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This book examines tragedy and tragic philosophy from the Greeks through Shakespeare to the present day. It explores key themes in the links between suffering and ethics through postcolonial literature. Ato Quayson reconceives how we think of World literature under the singular and fertile rubric of tragedy. He draws from many key works – Oedipus Rex, Philoctetes, Medea, Hamlet, Macbeth, and King Lear – to establish the main contours of tragedy. Quayson uses Shakespeare's Othello, Chinua Achebe, Wole Soyinka, Tayeb Salih, Arundhati Roy, Toni Morrison, Samuel Beckett and J.M. Coetzee to qualify and expand the purview and terms by which Western tragedy has long been understood. Drawing on key texts such as The Poetics and The Nicomachean Ethics, and augmenting them with Frantz Fanon and the Akan concept of musuo (taboo), Quayson formulates a supple, insightful new theory of ethical choice and the impediments against it. This is a major book from a leading critic in literary studies.
The idea of America has always encouraged apocalyptic visions. The 'American Dream' has not only imagined the prospect of material prosperity; it has also imagined the end of the world. 'Final forecasts' constitute one of America's oldest literary genres, extending from the eschatological theology of the New England Puritans to the revolutionary discourse of the early republic, the emancipatory rhetoric of the Civil War, the anxious fantasies of the atomic age, and the doomsday digital media of today. For those studying the history of America, renditions of the apocalypse are simply unavoidable. This book brings together two dozen essays by prominent scholars that explore the meanings of apocalypse across different periods, regions, genres, registers, modes, and traditions of American literature and culture. It locates the logic and rhetoric of apocalypse at the very core of American literary history.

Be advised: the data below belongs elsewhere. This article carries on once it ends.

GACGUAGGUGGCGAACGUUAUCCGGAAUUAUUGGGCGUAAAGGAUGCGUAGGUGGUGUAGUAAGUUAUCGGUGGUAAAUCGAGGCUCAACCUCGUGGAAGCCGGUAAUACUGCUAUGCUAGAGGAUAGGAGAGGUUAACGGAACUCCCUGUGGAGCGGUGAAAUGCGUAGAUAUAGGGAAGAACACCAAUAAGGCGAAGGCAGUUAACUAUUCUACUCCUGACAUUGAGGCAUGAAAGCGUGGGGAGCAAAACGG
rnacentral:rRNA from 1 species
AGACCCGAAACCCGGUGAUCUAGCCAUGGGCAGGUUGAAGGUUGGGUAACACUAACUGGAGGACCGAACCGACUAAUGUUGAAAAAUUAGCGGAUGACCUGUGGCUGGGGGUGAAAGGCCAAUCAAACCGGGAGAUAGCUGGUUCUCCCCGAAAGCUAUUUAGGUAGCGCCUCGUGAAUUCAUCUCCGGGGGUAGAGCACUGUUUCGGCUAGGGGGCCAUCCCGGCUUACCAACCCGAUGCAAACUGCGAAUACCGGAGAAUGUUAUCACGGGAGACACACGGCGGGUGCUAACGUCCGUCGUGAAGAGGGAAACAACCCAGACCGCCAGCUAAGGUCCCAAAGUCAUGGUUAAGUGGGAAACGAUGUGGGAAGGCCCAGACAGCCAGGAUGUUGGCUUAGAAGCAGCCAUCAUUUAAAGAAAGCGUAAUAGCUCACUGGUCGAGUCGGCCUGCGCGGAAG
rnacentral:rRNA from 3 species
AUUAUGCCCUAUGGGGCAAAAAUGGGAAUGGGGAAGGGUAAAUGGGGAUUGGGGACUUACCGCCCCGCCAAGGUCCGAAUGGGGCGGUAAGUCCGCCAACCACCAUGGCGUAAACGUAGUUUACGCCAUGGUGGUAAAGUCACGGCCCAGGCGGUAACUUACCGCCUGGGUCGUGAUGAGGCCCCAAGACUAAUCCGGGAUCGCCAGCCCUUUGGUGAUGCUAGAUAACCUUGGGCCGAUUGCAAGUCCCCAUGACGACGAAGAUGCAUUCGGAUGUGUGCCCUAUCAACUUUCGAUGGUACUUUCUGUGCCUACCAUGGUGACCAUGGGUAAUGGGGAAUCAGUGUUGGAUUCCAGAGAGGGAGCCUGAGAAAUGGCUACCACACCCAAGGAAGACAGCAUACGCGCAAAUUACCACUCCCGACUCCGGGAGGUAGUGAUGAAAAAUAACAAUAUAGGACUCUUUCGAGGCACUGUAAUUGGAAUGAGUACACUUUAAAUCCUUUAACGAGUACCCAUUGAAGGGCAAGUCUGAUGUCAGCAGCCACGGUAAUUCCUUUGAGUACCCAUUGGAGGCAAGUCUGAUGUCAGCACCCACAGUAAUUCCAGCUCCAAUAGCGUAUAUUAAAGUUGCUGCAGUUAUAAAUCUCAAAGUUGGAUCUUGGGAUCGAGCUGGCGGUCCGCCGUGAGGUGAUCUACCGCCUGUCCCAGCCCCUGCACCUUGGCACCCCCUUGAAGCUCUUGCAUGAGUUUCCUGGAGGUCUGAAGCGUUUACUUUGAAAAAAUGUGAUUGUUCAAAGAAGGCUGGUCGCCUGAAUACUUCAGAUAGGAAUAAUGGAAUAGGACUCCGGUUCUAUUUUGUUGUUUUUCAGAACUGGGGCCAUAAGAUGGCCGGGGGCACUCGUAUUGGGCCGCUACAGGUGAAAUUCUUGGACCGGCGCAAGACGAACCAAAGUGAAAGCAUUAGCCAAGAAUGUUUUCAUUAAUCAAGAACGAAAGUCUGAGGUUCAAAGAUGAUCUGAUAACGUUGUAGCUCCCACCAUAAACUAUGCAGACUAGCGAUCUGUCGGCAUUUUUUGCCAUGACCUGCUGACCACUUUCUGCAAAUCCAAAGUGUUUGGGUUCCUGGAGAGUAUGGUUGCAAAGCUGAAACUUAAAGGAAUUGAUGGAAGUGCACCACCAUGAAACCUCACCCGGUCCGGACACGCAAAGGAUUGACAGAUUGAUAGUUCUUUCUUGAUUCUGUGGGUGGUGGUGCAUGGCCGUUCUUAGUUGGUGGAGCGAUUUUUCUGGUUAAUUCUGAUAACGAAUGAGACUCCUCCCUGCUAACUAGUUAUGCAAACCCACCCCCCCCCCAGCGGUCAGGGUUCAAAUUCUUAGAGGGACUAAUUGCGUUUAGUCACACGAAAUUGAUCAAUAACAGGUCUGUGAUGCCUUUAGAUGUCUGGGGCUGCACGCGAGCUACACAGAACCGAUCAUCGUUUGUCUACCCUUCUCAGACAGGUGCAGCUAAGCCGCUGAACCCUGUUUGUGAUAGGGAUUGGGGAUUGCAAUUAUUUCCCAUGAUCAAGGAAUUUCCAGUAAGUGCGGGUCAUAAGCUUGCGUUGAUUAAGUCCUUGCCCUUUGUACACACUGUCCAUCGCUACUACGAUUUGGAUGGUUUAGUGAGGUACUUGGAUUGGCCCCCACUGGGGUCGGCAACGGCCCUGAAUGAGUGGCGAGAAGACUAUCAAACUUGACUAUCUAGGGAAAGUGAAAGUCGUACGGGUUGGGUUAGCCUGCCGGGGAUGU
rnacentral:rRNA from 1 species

After the Human provides a comprehensive overview of how a range of philosophical, ethical, and political ideas under the framework of posthumanism have transformed humanities scholarship today. Bringing together a range of interdisciplinary scholars and perspectives, it puts into dialogue the major influences from philosophy, literary study, anthropology, and science studies that set the stage for a range of new questions to be asked about the relationship of the human to other life. The book's central argument is that posthumanism's challenge to and disruption of traditional humanist knowledge is so significant as to presage a sea-change from the humanities into the posthumanities. After the Human documents the emergence of posthumanist ideas in the fractures within traditional disciplines, examines the new objects of analysis that thus came into prominence, and theorizes new interdisciplinary methods of study that followed.